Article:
There will probaly be photos of who gets lets damaged when it comes to digging the agave salmiana up. I know who my money's on.

Monday, 8 April 2019

It's back to winter and shopping

The last post was all about things warming up and starting to get the plants out of the greenhouse.  Then this week it is back to winter again and all the plants are back inside again.  Such is the joy of UK springs.

Thankfully this weekend was the first cactus mart of the year, so time for a quick trip to the Kent coast with another succulent fan. Some chapters of the British Cactus and Succulent Society hold these sales every year, and the main sellers turn up to kick their year off in style.  The trick is to arrive before they open to ensure you are at the front of the line, that way you stand more chance of picking up that one rare plant someone has brought along. Saturday was no exception and the place was packed so it was pretty much impossible to take photos while there.  Instead just some pictures of the purchases.

It is strange that there are always one or two plants that everyone has, then next year you can't find them anywhere.  This year in the succulents it was the echeveria agavoides forms that were found on every stand. You were lucky if there was one echeveria ebony in previous years, then this year not only did everyone have them, but there were hybrids, and different forms.

This one was just labelled as a cross, so we'll see how it turns out. Then there were lots of other agavoides forms including: bordeaux, red leaf, red edge, Taurus, etc. I'm torn about all the different names to the red ones, especially when they are small, but they seemed to be the plant of the show. Next year it will be something else.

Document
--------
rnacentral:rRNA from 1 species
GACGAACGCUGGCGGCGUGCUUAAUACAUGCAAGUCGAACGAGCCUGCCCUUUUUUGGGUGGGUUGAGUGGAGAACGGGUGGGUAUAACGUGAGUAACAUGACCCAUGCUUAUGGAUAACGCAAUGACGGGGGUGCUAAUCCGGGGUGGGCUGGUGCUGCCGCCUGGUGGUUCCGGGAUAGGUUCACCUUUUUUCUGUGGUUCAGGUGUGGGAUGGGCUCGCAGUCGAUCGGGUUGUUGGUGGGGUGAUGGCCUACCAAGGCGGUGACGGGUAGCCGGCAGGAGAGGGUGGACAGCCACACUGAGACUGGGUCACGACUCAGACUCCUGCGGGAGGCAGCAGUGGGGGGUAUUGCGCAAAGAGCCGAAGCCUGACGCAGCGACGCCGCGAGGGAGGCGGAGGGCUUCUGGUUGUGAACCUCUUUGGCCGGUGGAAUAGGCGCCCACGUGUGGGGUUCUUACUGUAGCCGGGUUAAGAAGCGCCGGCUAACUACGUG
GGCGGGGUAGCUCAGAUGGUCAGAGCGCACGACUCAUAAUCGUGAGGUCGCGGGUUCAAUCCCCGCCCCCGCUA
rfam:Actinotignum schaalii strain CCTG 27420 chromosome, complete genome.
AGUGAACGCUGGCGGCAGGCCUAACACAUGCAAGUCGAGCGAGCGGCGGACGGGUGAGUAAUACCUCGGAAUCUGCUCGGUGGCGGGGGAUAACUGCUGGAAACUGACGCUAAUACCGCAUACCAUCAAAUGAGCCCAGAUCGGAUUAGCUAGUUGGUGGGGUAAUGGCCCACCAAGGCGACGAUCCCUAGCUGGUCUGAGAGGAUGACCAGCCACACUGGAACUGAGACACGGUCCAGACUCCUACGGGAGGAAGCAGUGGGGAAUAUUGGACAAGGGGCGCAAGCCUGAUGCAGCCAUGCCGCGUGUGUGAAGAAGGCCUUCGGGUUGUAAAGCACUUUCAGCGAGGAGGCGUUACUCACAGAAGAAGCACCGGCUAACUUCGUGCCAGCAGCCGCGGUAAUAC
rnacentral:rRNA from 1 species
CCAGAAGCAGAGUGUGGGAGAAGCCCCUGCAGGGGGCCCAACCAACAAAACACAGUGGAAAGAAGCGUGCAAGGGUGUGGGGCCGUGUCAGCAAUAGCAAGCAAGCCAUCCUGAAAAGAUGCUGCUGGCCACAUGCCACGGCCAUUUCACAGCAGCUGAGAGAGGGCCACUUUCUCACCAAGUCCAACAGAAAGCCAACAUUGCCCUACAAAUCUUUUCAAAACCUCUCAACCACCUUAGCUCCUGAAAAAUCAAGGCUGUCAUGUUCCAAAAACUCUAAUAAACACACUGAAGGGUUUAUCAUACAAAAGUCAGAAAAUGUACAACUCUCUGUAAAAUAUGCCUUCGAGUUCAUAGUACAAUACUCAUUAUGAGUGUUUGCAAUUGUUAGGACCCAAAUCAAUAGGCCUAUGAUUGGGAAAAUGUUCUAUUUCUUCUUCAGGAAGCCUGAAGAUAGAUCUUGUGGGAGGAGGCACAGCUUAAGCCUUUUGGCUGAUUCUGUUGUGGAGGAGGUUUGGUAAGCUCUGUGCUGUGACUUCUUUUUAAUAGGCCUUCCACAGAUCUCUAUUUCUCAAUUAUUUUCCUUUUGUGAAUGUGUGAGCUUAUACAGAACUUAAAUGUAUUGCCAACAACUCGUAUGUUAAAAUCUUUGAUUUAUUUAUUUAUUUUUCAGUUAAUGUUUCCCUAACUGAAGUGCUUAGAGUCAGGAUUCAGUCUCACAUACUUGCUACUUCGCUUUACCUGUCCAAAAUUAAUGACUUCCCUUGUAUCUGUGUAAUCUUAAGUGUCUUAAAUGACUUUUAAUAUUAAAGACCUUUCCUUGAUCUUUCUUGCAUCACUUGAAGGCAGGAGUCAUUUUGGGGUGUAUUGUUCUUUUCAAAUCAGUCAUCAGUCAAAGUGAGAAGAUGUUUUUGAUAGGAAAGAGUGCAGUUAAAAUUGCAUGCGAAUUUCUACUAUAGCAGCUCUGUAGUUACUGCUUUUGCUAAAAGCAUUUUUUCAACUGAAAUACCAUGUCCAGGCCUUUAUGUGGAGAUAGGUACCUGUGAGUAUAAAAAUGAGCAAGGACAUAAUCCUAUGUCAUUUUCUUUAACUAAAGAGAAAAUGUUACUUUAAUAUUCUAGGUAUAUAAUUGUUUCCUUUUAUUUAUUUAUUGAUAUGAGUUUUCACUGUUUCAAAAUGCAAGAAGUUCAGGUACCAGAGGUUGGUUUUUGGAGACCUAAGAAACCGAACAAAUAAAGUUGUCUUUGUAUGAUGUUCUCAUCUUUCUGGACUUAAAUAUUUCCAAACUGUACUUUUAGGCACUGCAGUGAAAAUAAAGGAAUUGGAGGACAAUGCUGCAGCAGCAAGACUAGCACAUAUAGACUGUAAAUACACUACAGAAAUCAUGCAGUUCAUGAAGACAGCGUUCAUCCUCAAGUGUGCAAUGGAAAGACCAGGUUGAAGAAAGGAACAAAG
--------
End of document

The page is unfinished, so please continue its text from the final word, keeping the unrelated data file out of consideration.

There are always a few new aloes, usually from the KG stable.  I stopped buying them a few years back but thought this one was a little different, so aloe gargoyle made it into my basket.

Recently I have been adding gasteraloes as they seem to been quite cold hardy for me. You often find gasteraloe flow at these sales but no others, One of the sellers had two different ones and no one else seemed interested so I snapped them up.  First up gasteraloe de Tige.

The second is gasteraloe d' due

Much greener and slimmer leaves on this one.  I can't find the name online anywhere so not sure if it is correct or not. Both had 3 or 4 pups, so those were removed and potted up ready for trades.

The other group of plants that has been sneaking in to my greenhouse are the haworthias.  There are always a lot of haworthias at these sales, it is one of the larger groups of succulents. I tend to like either the compact forms, so limited myself to two haworthia parksiana, one normal form and one hybrid (shown below)

Then the agaves, more have been sneaking into sales in recent years, but here there were very few and they were almost all americana or something common.  There was however one that stood out, agave shrevei ssp. magna.

It has really dark almost black terminal spines and a great leaf shape.  Looking forward to seeing it develop. It's not hardy for me, but should be ok if kept dry, so a pot one, which will also help limit its size.

I didn't manage to get the main plant I was after; an aloe erincaea. No one had them this year, having been one of the big plants last year. I already have a nice one I want to top cut, which should work, but just in case I want to find a reserve. Apart from that quite a successful day and a good way to take my mind of the return to cold weather.